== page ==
This study quantifies the uncertainty in discharge calculations caused by uncertainty in precipitation input for 294 river basins worldwide. Seven global gridded precipitation datasets are compared at river basin scale in terms of mean annual and seasonal precipitation. The representation of seasonality is similar in all datasets, but the uncertainty in mean annual precipitation is large, especially in mountainous, arctic, and small basins. The average precipitation uncertainty in a basin is 30%, but there are strong differences between basins. The effect of this precipitation uncertainty on mean annual and seasonal discharge was assessed using the uncalibrated dynamic global vegetation and hydrology model Lund–Potsdam–Jena managed land (LPJmL), yielding even larger uncertainties in discharge (average 90%). For 95 basins (out of 213 basins for which measurements were available) calibration of model parameters is problematic because the observed discharge falls within the uncertainty of the simulated discharge. A method is presented to account for precipitation uncertainty in discharge simulations.
There is a growing concern about increasing water scarcity in many regions of the world, as climate change on the one hand and increasing human water use on the other can put increasing pressure on the world’s water resources (CSD 1997; Kundzewicz et al. 2007; World Water Council 2000).
Understanding the processes leading to (repetitive) droughts and floods requires an extensive understanding of the global hydrological cycle and its interactions with vegetation, climate, and humans (Kabat et al. 2004). Not only should average annual water availability be quantified with certainty but also the spatial and temporal distribution of water availability. There are several studies that calculate soil moisture, runoff, and its accumulation in discharge based on climate input, soil, and vegetation characteristics using global-scale hydrological models (e.g., Alcamo et al. 2003; Arnell 1999b; Gerten et al. 2004; Nijssen et al. 2001; Oki et al. 2001; Vörösmarty et al. 1998). Most of these models have been used to simulate current discharge patterns, but a number of global assessments on the influence of climate change on future water resources exist (e.g., Alcamo et al. 2007; Arnell 1999a, 2003; Barnett et al. 2005; Bergström et al. 2001; Milly et al. 2005; Vörösmarty et al. 2000a).
For a reliable quantitative assessment of future water resources, it is important to first gain trust in the simulation of current water availability. This can be done by validating the global model to observed discharges, for which data are available globally (Global Runoff Data Centre 2007). Discharge is the integrator of the water balance over large areas and can be regarded as the water availability in different sectors.
Few global hydrological models have been validated and calibrated to discharge observations so as to reduce the bias between observations and simulations. This was done by adjusting the model parameters (Nijssen et al. 2001) or by applying a simple correction parameter (Döll et al. 2003). However, the bias between observations and simulations cannot always be attributed to the model designs. If, for example, the precipitation input data in a particular basin is too low, it is logical that the simulated streamflow becomes too low, even though the parameterization of the runoff generation process may be physically correct. Tuning the model to observed discharge can thus result in a compensation of the underestimated or overestimated precipitation, leading to an unrealistic partitioning of precipitation between runoff and other water balance terms. Therefore, the uncertainty in model simulations arising from different factors should be taken into account before calibrating the model parameters.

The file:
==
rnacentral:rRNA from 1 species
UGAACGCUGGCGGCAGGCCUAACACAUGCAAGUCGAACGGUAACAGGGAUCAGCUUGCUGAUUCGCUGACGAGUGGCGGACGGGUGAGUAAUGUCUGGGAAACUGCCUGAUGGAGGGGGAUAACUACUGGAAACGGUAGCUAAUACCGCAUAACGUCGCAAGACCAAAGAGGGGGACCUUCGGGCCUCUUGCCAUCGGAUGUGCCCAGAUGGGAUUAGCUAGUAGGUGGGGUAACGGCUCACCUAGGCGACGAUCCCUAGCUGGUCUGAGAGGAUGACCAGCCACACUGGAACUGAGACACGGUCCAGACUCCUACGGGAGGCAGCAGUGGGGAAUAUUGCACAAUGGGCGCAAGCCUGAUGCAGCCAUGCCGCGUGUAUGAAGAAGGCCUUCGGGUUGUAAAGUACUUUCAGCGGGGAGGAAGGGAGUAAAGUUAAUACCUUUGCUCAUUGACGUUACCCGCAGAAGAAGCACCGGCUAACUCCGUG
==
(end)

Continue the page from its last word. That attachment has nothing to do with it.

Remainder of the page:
Wind-induced undercatch of solid precipitation (Adam and Lettenmaier 2003) and underestimation of precipitation in topographically complex regions (Adam et al. 2006) are well-known sources of errors in precipitation products derived from rain gauge measurements. Tian et al. (2007) compared water balance calculations with undercatch-corrected and uncorrected precipitation data and demonstrated that using bias-corrected precipitation resulted in an increase in computed streamflow of 5%–25% in northern latitudes.
The question of which precipitation dataset is the most accurate for forcing of hydrological models is posed in several studies, but has not yet been answered with consensus. Berezovskaya et al. (2004) showed inconsistencies between runoff data and three precipitation datasets for three large Siberian rivers. Their analysis suggests a poor quality of either the runoff or precipitation datasets, or both. Pavelsky and Smith (2006) used discharge observations of 198 arctic rivers to assess the quality of four global precipitation sets and concluded that observational datasets cover the trends significantly better than two reanalysis products. At global scale, however, Voisin et al. (2008) evaluated a reanalysis precipitation product more suitable than a satellite-derived precipitation dataset for use in a hydrological model, mainly because of the high temporal resolution of the reanalysis product.